CBS Sunday Morning Turns Up the Volume on Hearing Aids

October 1, 2018

The evolving hearing aid industry was the subject of a nearly 10-minute in-depth feature on CBS Sunday Morning.  David Pogue, tech critic for Yahoo Finance, talked to several respected industry figures, including Starkey executives Bill Austin and Achin Bhowmik, about recent technological breakthroughs in hearing aids.

A substantial portion of the television news magazine piece was devoted to the affordability and accessibility of current hearing aids. Frank Lin and Nick Reed of Johns Hopkins University in Baltimore, MD provided commentary on OTC hearing aids and offered examples of technology upstarts bringing new OTC products to the market.

At the end of the broadcast Pogue’s 90-year-old father weighs in on the importance of hearing aids in his own day-to-day life.

The entire segment can be viewed here:

  1. I am amazed that such educated professionals are spewing so much non sense about hearing loss. The fact is that cortical processing of incoming impulses gets immediately affected by loss of threshold values that currently exist in the long term memory storages, and cannot be properly cross referred to due to distortion in the action potentials taking place in the ribbon synapses (synaptopathy). This is the start of degradation in the cochlea and begins at least 10 years before proper identification of the established hearing loss. To say that a patient can get away with cheap hearing aids is adding insult to the injury of the processing mechanism. The hearing aids should assist the brain at the CA complex (hippocampus) and this requires sophisticated sensors to separate incoming sound patterns for easier processing at this critical complex. Such cheap hearing aids will make the hearing issues worse, and affect brain performance even more. Please provide me the feedback on my comments as this is far worse than the existing technological effects on the neural and cortical mechanisms.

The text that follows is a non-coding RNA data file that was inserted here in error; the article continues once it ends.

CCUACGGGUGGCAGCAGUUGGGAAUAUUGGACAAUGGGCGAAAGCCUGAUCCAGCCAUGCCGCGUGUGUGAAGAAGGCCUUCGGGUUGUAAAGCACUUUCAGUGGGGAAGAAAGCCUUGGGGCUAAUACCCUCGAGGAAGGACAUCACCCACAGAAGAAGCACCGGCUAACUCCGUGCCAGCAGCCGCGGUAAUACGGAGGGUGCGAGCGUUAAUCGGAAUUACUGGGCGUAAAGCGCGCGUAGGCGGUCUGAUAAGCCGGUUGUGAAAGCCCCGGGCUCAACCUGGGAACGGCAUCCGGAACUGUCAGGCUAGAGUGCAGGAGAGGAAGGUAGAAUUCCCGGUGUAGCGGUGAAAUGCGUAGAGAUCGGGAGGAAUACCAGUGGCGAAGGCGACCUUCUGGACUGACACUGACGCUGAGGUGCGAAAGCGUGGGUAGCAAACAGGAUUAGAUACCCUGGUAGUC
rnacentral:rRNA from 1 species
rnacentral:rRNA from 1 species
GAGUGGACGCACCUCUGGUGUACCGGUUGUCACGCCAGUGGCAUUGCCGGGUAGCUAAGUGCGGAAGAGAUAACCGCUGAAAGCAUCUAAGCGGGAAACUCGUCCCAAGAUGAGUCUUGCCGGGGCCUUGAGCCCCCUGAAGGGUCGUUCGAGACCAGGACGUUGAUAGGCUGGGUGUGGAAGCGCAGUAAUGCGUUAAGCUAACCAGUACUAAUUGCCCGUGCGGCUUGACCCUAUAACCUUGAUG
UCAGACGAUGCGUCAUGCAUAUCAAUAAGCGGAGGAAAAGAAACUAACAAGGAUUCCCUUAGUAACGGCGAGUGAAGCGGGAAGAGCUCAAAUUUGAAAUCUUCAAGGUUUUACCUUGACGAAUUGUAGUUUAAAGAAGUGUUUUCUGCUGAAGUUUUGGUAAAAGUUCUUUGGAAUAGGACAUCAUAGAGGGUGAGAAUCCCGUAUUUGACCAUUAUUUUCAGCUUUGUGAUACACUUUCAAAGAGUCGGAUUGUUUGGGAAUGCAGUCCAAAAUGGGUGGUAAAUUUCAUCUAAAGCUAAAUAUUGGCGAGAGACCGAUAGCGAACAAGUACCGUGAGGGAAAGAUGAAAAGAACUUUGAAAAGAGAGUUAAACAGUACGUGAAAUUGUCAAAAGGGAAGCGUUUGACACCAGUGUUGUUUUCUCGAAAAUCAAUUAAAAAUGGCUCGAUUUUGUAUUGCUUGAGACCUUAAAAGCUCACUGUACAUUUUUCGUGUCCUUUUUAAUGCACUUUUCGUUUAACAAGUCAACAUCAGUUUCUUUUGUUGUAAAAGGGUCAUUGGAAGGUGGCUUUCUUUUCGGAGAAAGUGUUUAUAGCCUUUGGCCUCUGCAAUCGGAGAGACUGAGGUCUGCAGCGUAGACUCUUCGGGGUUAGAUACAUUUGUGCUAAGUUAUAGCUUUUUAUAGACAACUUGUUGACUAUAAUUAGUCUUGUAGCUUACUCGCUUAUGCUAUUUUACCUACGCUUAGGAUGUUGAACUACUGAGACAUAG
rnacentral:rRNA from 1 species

thank you,

    Jay Muhury.
    Auditory Research(Neuroscience)
    Hearing Aid Specialist.

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